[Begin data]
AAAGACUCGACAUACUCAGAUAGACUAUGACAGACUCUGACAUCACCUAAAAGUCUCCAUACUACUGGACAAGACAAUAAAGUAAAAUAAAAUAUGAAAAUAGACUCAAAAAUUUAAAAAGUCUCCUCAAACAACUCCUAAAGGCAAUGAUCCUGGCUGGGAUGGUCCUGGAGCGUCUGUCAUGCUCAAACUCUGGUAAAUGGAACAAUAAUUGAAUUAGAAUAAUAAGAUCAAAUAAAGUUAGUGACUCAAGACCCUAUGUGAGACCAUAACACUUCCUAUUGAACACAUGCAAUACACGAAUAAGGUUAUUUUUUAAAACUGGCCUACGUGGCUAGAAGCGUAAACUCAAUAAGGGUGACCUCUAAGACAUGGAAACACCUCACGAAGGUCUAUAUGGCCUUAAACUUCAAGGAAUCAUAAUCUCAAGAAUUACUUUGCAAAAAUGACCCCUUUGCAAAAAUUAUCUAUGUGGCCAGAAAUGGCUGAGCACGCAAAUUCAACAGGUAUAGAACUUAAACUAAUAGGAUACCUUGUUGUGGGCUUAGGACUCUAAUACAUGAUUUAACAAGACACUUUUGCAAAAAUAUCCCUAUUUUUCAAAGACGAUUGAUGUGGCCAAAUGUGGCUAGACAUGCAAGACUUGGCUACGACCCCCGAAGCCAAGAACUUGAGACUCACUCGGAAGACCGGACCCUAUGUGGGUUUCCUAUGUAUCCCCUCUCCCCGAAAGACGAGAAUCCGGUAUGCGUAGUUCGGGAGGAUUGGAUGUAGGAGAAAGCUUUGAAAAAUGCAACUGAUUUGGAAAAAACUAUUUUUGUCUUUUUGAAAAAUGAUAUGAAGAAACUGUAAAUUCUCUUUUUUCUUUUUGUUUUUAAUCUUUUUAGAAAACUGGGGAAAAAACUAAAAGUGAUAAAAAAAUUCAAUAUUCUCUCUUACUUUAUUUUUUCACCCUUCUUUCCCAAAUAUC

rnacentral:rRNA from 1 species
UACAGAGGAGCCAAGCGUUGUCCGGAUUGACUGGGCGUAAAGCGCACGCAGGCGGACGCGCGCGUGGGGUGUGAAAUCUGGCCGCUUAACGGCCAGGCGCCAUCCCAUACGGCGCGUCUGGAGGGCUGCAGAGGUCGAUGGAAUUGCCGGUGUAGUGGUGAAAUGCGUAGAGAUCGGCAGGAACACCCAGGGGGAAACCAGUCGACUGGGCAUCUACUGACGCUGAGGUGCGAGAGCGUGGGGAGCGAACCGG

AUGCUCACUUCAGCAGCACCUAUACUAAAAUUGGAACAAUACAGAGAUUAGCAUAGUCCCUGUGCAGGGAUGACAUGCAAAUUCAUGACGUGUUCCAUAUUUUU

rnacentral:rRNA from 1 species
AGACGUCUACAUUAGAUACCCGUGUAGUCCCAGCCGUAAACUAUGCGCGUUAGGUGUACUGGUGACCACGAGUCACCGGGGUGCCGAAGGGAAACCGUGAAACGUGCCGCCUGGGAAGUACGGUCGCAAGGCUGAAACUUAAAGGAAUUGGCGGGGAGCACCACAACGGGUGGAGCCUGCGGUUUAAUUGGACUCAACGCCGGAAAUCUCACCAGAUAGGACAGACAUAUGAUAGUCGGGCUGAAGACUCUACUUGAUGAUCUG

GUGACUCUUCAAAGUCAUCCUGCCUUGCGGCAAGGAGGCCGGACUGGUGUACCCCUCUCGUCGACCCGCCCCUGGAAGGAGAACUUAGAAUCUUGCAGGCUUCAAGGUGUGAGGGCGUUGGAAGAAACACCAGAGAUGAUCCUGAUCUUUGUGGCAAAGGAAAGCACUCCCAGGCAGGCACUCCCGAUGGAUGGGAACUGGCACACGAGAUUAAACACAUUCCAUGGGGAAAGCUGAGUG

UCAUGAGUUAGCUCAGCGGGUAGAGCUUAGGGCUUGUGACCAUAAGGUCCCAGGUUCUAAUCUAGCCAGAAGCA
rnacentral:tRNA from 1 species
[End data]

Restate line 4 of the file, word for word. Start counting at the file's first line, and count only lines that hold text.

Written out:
AUGCUCACUUCAGCAGCACCUAUACUAAAAUUGGAACAAUACAGAGAUUAGCAUAGUCCCUGUGCAGGGAUGACAUGCAAAUUCAUGACGUGUUCCAUAUUUUU